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Last modified: March 22, 2019

[Posted December 12, 2000]

Exclusive Franchises: GRRN to File Amicus Brief Opposing Exclusive Franchises

RE: AGG Enterprises, Inc.

GRRN has endorsed the filing of an amicus brief in the United States Court of Appeals for the Ninth Circuit supporting AGG Enterprises, Inc., a waste hauler and recycler, which challenged the exclusive franchise system of Washington County, Oregon, on the basis that the franchise system was preempted by federal transportation law. AGG won at the trial (District) Court level. The County appealed, backed by a number of amicus briefs from waste haulers such as Norcal, associations such as the California Refuse Removal Council, and other government agencies including the California State Association of Counties and numerous cities including Glendale, Hawthorne, Monterey and San Francisco.

The sole issues before the Ninth Circuit are 1) whether a local government may, by exclusive franchise, prohibit the holder of a federal trucking permit from transporting property within that jurisdiction; 2) whether the term "property" includes material that is in fact recycled, or waste, or both; and 3) whether AGG is a motor carrier as defined by the federal statute. The amicus brief endorsed by GRRN will support the proposition that federal law preempts a franchise system from prohibiting the transportation of materials that are in fact recycled, by a federal trucking permit holder. The amicus brief will not assert that the preemption applies to waste hauling.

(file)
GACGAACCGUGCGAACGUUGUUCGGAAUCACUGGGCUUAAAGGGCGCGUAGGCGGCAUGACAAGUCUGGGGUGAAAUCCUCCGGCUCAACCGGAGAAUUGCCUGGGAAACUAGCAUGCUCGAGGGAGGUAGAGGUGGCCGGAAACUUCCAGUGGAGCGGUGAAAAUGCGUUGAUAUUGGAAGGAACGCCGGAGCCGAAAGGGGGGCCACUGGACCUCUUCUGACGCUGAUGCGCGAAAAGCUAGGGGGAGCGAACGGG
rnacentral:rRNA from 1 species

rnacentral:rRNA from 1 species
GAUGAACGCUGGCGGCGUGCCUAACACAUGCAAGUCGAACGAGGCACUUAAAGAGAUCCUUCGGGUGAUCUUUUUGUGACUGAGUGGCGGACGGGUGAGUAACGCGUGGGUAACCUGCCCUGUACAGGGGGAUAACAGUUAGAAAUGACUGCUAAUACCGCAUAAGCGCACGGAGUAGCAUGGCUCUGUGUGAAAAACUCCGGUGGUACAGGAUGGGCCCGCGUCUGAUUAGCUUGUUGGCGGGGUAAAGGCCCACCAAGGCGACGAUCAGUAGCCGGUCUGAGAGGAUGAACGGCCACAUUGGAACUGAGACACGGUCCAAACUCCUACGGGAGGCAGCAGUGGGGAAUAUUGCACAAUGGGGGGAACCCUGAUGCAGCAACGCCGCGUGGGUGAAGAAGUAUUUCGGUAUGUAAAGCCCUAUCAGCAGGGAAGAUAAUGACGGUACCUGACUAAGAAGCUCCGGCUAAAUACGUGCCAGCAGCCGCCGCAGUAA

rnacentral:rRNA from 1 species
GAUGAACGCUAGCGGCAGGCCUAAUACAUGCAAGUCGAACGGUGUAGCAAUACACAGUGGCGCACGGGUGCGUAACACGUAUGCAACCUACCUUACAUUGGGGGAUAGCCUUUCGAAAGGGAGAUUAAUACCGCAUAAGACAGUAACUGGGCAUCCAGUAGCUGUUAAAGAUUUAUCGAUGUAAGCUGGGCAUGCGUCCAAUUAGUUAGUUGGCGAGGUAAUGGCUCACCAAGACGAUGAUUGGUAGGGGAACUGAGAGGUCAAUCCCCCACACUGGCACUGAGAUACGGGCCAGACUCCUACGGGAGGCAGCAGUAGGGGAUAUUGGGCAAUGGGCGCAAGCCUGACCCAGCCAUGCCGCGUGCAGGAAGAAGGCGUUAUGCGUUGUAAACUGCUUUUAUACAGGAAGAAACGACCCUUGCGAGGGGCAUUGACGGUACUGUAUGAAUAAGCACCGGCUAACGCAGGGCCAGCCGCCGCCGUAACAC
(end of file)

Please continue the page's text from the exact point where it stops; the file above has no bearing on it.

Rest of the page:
The scope and text of the amicus brief will be nearly identical to what was filed on behalf of numerous associations in the case of Woodfeathers v. Washington County 180 F.3d 1017 (9 Cir 1999). A copy of the amicus brief in the Woodfeathers case can be found on-line at In Woodfeathers, unlike AGG, the Ninth Circuit had before it the issue of whether the franchise system was unconstitutional under the Commerce Clause. AGG raised the Commerce Clause issue and lost on that issue in the District Court and has not appealed from that decision so that the constitutionality of the franchise system is not before the Ninth Circuit in AGG. In AGG, unlike Woodfeathers, there is no procedural "abstention" issue that was the basis for the Court's ruling in Woodfeathers.

If the Ninth Circuit were to rule consistently with the District Court, supported by GRRN's amicus brief, a local government could not prohibit the collection and transportation of material, that is in fact recycled, by the holder of a federal trucking permit.

The question of mixed loads must be addressed if one defines "property" by material that is in fact recycled. The GRRN brief will attest that local governments can and do regulate the percent of solid waste that can be in a mixed load before it becomes a load of solid waste but that local government cannot ban competitive collection of recyclables.

Unlike the Woodfeathers case, which was almost beneath the radar screen of the major haulers and government associations, these entities have organized in strength for the AGG case.

GRRN will post its AGG amicus brief when it is finalized. The present filing deadline is December 21, 2000.

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